Success and Other Magic Formulas

“Success Kit. Your second chance in life just arrived.”

I was so excited when I saw this in my email. At last! Instructions on how to live.Success Kit It’s not too late! No more tedious decisions for me. The answers are all here in this handy kit.

Reading further, I see the sender is at Oh, okay. That kind of success. Making money.

I hit Delete. Not that I’m against making money. I like being able to support a roof over my head, wheels and shoes on the ground, the occasional flight to distant destinations. I have figured out a way, by trial and error and about 25 jobs, how to make enough money using my wits and writing ability. I don’t need a magic formula, which usually involves the slippery, hard slope of a pyramid plus multi-level slave labor.

I like to think of my work as making a living and money is just a part of it. There is so much more, from enjoying the small moments to undertaking huge new challenges, taking care of myself and others, discovering each day where I need to do more, or less.

Bikini Body  Sometimes this is not easy. My work changes daily and thus so does my free time for my own writing and other interests. I have to be flexible and grab moments while I can. And sometimes I admit I am tired. Tired of thinking and planning. Thus the appeal of instant answers, available at the click of a mouse. Some examples:

The seven behaviors of successful people.

How to be happy in five easy steps.

How to meet the man/woman of your dreams, not nightmares.

The six foods you must eat to avoid having belly fat. Or is it the six foods you must avoid?

Write a bestseller in 21 days.

The Plan of a Lifetime. Lose 20 pounds, zap up your sex life and make Alzheimer’s a distant memory.

Look 20 years younger with this simple ingredient from your kitchen.

As for the life of the spirits:

Make your own wine and prevent heart disease.

Or (and I am not making this up):

Hire a Certified Soul Memory Discovery Facilitator.

Or sign up for online therapy –

My mouse clicks don’t lead to easy answers. Maybe there’s a mental click if someone else’s success kit sparks an idea. But the brain and heart and gut must engage, chew, digest and even spit out if necessary. There are many, many chances in life, not just one or two. At some point, it’s okay to send these advice messages to the junk mail folder and rely on our own inner Inbox.Get RichLook Younger



1, 2, 3 … In or Out

In sorting through my files recently, I came across a chart I created on one of my jobs. It was a rating system to help me evaluate my job each day and then decide after a trial period, say a few weeks, whether I should stay or go.Exit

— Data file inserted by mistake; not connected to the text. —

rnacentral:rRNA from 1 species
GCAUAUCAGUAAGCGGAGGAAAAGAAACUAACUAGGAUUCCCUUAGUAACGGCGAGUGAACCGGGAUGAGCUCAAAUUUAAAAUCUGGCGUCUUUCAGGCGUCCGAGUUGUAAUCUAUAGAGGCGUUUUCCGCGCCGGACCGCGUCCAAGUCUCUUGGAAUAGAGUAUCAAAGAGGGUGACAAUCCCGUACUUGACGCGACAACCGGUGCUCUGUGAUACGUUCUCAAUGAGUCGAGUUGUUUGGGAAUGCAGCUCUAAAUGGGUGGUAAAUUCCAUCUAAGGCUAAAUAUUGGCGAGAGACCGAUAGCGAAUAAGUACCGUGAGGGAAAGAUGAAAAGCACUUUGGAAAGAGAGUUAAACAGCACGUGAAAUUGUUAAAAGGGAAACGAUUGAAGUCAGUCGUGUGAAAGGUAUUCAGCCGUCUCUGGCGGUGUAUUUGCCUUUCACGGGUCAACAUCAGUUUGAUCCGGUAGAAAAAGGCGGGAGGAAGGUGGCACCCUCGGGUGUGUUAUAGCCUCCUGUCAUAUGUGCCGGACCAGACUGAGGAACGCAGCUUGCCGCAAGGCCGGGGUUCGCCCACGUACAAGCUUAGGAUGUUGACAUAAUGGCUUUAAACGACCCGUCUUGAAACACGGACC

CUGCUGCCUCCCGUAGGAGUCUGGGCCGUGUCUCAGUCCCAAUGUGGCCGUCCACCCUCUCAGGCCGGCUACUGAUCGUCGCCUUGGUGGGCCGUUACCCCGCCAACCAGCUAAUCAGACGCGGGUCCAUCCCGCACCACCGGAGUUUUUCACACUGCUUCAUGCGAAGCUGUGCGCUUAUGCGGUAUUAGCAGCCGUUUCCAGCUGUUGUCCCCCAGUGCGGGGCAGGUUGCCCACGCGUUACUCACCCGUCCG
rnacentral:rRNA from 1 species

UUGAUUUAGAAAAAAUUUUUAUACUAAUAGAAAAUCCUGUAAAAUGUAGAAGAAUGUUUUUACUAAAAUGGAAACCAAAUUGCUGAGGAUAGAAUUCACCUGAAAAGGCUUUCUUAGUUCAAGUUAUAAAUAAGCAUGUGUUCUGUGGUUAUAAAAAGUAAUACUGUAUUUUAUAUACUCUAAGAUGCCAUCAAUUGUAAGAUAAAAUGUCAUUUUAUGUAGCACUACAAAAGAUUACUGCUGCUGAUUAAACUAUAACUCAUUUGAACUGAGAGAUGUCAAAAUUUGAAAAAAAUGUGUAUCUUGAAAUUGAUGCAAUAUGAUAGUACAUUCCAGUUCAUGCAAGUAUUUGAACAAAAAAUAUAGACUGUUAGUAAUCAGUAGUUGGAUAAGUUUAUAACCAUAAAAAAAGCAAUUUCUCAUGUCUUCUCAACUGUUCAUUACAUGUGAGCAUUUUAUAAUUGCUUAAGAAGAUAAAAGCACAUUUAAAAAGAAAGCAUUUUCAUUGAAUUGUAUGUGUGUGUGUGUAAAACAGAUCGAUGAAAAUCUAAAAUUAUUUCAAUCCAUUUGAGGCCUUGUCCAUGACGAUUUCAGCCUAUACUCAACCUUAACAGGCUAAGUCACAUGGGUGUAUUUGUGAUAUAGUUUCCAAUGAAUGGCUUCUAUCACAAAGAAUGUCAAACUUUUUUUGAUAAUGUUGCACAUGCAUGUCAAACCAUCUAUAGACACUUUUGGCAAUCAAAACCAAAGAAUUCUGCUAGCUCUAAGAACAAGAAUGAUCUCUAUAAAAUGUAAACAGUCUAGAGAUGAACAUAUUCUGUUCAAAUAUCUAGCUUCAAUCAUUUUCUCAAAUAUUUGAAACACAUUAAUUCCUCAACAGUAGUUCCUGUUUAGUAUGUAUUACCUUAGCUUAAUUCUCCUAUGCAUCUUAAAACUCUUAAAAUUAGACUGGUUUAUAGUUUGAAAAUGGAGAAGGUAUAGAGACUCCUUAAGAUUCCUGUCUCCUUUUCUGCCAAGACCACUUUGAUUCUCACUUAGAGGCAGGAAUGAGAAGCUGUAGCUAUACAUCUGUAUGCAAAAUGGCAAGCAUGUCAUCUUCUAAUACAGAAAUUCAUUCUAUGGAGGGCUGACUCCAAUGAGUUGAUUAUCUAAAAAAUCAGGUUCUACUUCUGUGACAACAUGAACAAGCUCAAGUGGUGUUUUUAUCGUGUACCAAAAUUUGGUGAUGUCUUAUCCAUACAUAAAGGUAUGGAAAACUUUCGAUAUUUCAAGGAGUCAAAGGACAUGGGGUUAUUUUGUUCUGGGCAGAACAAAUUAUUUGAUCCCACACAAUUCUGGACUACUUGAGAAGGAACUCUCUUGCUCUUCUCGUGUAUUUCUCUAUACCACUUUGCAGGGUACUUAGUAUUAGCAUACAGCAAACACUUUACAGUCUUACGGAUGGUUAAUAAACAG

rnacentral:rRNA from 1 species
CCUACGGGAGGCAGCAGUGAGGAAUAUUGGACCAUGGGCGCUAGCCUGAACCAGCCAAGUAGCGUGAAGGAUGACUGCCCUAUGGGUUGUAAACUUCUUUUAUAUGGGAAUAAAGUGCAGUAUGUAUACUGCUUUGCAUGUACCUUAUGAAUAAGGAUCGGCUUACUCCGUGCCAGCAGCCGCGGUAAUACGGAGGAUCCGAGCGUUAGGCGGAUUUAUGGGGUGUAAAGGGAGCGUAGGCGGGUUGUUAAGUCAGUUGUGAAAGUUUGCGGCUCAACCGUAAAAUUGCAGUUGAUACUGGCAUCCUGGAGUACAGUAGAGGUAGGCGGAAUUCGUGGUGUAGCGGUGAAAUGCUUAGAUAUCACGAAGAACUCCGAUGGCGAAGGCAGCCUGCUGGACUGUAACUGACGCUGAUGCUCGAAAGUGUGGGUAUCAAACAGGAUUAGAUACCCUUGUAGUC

These were the games I played with myself while staring at grey cubicle or office walls, or at technical manuals that needed continual revising. Not that I hated the work. It could be satisfying, but frequently the corporate hierarchy found ways to quash and squash my enjoyment. And they didn’t hesitate to rate us. Just like we were first graders, they put us in boxes from one to five, never to climb out. (1 = incompetent and soon to be fired; 2 = lazy ass goof off; 3 = average; 4 = workaholic; 5 = unobtainable super star.)

So my way of making corporate life more interesting and to rebel a little was to rate them. Every day, on my chart, I would assign a value from one (the lowest) to ten (the highest) in several categories, including physical, emotional and intellectual. What was my comfort level in each of these areas? My ratings were:

1 = toxic waste dump

2 = graveyard

3 = dentist’s waiting room

4 = Dept. Motor Vehicles line

5 = walking down sidewalk

6 = sitting in restaurant alone

7 = dinner with friends

8 = reading a good book

9 = planning a trip to Hawaii

10 = beach on Maui

I don’t remember now the exact job where I started this or the outcome, but most likely it was not rated high up there with vacations. If there was any vacation, it was often a forced one.

One WayMost of my jobs lasted less than a year and ended in layoffs or in quick leaps out the door if the situation was really unbearable. One exception was my technical writing position at Xerox, which lasted six years. However, they moved and reorganized us four times while I was there, so it really was like four different jobs.

Except that the rating system never changed. Our personnel files followed us wherever we landed within the company. I’d walk in to meet a new manager and there he or she would be holding my file. She might as well have said, “Hello Number Three.”

Since I didn’t want to work 60 to 80 hours a week, I gave up any aspirations to climb the ladder to Box Number Four and just did the best job I could every day. Some bosses only saw a Number Three, but one or two exceptions saw beyond the labels and expressed appreciation. One such boss loved to take us on team building outings (sailing, baseball games, picnics with Pictionary) that were genuinely fun. Those days came closer to “lying on a beach.” And the days following, back in the cubicle, were less dreary too. That is, until another boss arrived, the lunatic from the dark, dark toxic depths of the underworld.